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How to Tell the State of the Hot Rod Parts Industry - Commentary 7

How to Tell the State of the Hot Rod Parts Industry - Commentary 7


By LeRoi Tex Smith

Those of us who watch our hobby/sport and related industry never fail to bewail the state of affairs anytime we gather. One of the barometers I watch closely are the fiberglass parts people. They are a direct indication of what is going on across the board.

As an example, for years I have watched the ads from Wescott. If they are advertising complete bodies, the hobby is doing well. If Wescott is advertising parts, things are not so good out there in street rod land.

I explained this one day to Dee, scion of the Wescott brand. He replied that the bodies were (at that time) a really big ticket item, and that was why his company was at so many runs. The customer would read about the bodies in magazines, but they would want to touch and feel and get an eyeful of the real thing. They would then go home, think about the purchase, and finally after several months (or years), they would step up to the plate.

When bucks would get tight, the waiting time would stretch by years rather than months. Now, we are seeing some really high ticket items on the offer, and we are seeing some really shakey business deals going under. Not because the products are of a lesser quality, but because the perception of value for money is playing a much bigger role in American hot rodding.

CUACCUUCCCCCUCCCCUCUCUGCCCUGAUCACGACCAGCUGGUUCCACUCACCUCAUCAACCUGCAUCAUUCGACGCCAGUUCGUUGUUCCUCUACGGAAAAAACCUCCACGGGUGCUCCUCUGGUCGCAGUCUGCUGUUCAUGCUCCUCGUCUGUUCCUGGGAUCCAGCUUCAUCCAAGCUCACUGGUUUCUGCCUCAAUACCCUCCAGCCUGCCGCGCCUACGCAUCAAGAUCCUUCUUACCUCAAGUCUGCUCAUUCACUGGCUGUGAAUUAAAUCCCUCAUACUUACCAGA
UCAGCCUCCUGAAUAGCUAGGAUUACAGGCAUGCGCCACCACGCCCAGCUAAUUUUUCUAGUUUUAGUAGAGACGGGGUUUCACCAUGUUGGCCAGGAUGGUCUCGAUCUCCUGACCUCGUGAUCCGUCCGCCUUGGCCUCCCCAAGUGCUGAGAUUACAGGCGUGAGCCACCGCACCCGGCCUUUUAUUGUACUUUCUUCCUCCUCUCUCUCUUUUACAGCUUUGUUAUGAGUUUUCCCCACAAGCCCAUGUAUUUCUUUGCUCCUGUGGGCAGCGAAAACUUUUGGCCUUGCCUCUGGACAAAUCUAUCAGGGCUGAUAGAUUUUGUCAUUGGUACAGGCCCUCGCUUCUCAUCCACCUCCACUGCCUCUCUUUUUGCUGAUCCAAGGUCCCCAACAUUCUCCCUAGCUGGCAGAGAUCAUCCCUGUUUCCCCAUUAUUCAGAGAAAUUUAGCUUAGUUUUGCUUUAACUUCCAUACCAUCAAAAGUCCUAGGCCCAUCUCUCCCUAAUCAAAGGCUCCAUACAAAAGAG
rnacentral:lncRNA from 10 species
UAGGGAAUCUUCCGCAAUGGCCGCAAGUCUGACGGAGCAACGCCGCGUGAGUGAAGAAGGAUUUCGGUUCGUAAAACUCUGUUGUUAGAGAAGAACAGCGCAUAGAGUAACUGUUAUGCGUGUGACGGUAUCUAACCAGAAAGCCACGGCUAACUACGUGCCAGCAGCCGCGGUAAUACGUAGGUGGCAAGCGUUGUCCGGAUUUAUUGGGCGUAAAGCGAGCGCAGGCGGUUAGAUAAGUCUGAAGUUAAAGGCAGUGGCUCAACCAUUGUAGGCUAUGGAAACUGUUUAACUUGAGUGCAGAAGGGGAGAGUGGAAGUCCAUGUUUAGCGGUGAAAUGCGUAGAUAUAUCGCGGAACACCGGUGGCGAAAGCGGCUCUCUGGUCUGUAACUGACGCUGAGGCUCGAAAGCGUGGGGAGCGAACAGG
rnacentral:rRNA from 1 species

Add to this some poor quality products failing the user tests, and you get a skittish buyer waiting longer before making a leap of faith. This is playing out on the swap meet fields as well. It is now a buyer’s market, which to me seems what it should always be.

Since I am several time zones removed from American shores, I get the advantage of monocular vision regards the hot rod industry. Most of the haps have already gone down by the time I hear of action rumblings. Amazingly, some of my U.S. sources of information are often well behind me in gaining insight into a problem area.

Anyway, other than watching magazine and electronic media advertising, consider what happens at trade shows (such as SEMA) and at rod runs/drags where trade product alleys prevail. Marginal bling takes a back row to hardcore mainline products as companies struggle to survive. The purveyors are desperate for sales, any kind of sales, rather than rave reviews of big ticket items that are going to take years to repay investment.

Right now, those low-key services operations are where the dollars are flowing. How long until there is the inevetible upswing? Haven’t a clue.